3 Latest Strategies to understand what your customers really want

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A Satisfied customer is the best business strategy of all

                                                                                    – Michael LeBoeuf

Business- Entities that serve its customers. Through either a product or service, a business is meant to provide solutions to its customers’ needs or problems. It would be safe to say that customers are central to the existence of a business. So, if customers are central to its existence, it would be safe to say that businesses understand clearly what their customers want and address them, right? Well, that’s where things don’t stack up. With millions of businesses around the world, very few, in fact less than 10% actually understand what their customers’ needs are.

I once called a tradesperson in to assemble a wall cabinet in our study and mount it to the wall. I had received a quote beforehand from his office with regards to the job. The tradesperson completed the assembly job, but then refused to mount the cabinet to the wall. The reason he cited was that this was outside his designated scope of work, and I had to call another handyman from his office who would do wall mounting jobs. Now, this was something I had not accounted for and came to me as a surprise. Not only did I lose out on time, as there were now 2 jobs instead of 1, I was potentially looking at higher costs to complete the installation. Luckily, there was no extra charge. However, the other handyman couldn’t come in until 2 days later, so I had a half-finished job that couldn’t be completed any sooner.

Had I been advised of 2 handymen required for the job when receiving the quotation, I could have planned both jobs to be completed one after the other, on the same day itself. Which meant I could have used the wall cabinet sooner. Add to that, the unnecessary arguments and going back and forth with the trades office. Needless to say, the experience left a sour taste for me. As a customer, I felt I wasn’t heard. After I settled down, I reflected on the whole episode and wondered “Did the trades office really understand what I wanted?” For me, the whole reason for getting the furniture assembled was to save time. The job would be completed quicker, and I could use the cabinet sooner than if I were to do the assembly myself. Which, clearly didn’t happen.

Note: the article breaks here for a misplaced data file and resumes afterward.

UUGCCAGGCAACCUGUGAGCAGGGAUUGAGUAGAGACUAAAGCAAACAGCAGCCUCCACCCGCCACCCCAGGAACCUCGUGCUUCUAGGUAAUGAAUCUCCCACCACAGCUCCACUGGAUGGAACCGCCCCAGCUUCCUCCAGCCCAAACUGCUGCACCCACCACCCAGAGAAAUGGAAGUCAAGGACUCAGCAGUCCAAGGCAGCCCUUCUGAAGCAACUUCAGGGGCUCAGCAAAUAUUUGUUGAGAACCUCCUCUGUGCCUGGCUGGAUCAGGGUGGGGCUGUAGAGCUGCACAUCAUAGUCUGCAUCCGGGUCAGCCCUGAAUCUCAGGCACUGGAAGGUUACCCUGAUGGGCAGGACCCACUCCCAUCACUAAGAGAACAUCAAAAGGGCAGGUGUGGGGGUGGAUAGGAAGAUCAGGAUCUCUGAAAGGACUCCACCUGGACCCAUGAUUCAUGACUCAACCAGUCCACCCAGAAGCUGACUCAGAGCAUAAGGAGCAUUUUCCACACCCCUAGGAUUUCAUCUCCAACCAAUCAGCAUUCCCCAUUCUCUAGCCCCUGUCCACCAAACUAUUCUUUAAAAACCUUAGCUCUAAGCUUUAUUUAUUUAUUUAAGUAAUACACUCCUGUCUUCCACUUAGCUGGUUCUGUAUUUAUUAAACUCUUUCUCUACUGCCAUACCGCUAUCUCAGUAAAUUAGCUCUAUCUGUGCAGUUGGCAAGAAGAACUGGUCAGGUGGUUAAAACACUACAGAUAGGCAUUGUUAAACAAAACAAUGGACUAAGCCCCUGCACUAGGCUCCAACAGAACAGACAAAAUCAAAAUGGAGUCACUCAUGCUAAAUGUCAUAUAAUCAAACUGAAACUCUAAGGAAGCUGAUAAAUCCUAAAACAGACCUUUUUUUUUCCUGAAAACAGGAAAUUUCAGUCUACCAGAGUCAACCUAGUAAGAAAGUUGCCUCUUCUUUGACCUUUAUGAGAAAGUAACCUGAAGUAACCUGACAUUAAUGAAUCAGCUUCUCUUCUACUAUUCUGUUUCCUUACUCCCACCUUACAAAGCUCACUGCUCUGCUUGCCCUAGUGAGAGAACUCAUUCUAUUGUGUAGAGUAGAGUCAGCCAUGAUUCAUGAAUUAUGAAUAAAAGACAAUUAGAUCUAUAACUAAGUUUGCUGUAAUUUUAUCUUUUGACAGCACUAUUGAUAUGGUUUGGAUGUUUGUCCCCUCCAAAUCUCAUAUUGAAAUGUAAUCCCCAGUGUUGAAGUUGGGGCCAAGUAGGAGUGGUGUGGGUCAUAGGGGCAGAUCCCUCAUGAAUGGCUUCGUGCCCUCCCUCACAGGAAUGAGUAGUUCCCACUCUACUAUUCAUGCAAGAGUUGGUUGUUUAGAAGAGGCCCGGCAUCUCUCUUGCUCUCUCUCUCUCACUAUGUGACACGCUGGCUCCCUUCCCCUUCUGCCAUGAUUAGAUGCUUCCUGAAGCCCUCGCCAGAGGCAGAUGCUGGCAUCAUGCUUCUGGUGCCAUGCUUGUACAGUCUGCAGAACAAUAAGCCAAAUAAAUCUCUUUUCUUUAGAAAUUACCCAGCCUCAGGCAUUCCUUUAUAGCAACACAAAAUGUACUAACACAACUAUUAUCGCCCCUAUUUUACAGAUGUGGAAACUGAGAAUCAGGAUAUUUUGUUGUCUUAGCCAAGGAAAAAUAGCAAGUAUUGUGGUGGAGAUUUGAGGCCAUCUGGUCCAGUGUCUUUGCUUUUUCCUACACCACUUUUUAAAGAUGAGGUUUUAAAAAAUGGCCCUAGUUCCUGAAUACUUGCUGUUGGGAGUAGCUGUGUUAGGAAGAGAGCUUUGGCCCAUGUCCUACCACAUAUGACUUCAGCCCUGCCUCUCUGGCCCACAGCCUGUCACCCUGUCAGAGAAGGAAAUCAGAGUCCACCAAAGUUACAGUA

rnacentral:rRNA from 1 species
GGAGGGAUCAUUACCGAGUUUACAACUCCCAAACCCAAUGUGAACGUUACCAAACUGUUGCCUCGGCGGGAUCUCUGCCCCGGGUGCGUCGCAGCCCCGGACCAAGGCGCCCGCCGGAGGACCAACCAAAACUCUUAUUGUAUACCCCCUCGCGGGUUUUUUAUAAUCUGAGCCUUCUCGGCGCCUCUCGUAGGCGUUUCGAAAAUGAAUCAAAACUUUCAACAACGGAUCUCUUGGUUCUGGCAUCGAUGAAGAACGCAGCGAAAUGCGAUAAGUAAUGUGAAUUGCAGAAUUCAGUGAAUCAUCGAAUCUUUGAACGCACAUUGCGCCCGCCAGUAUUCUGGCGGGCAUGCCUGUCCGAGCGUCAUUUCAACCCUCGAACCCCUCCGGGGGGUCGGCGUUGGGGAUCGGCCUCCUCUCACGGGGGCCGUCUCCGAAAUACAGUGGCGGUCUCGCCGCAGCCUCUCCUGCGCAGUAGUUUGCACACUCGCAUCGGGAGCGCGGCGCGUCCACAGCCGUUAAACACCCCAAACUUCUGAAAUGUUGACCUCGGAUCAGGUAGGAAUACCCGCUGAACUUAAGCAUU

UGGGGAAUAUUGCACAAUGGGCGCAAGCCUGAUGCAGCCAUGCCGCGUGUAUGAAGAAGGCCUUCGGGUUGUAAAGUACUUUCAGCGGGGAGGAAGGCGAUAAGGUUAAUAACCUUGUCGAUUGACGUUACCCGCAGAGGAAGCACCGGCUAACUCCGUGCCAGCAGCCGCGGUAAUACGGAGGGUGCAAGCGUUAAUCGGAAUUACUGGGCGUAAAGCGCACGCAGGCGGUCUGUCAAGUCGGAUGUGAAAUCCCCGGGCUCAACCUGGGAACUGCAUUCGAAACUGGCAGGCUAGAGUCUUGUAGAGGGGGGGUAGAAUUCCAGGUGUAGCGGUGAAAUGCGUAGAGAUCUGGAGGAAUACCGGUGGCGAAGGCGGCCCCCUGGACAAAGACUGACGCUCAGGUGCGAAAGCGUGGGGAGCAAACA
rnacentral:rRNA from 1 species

Ok, end of my rant. However, consider this: Here is one example of a business which didn’t quite hear or understand their customer. When you consider examples of many more businesses that fail to do so, for more complex requests, you almost get a perception that as a customer, you are pretty much bound for disappointment. Fortunately, things aren’t that bad actually. How so? Well, keep reading on..

What if there was a way for a business to understand their customer’s expectations? That increases the odds of customers walking out of a business feeling good about the experience they’ve just had. There are businesses that excel in knowing their customers needs, and that trend is catching on across the world as more and more businesses look to model what works for successful businesses. With this article, I’ll be sharing 3 such strategies that you can easily follow to have greater awareness of what your customers want and set your venture up for greater success as you start gaining more and more loyal customers.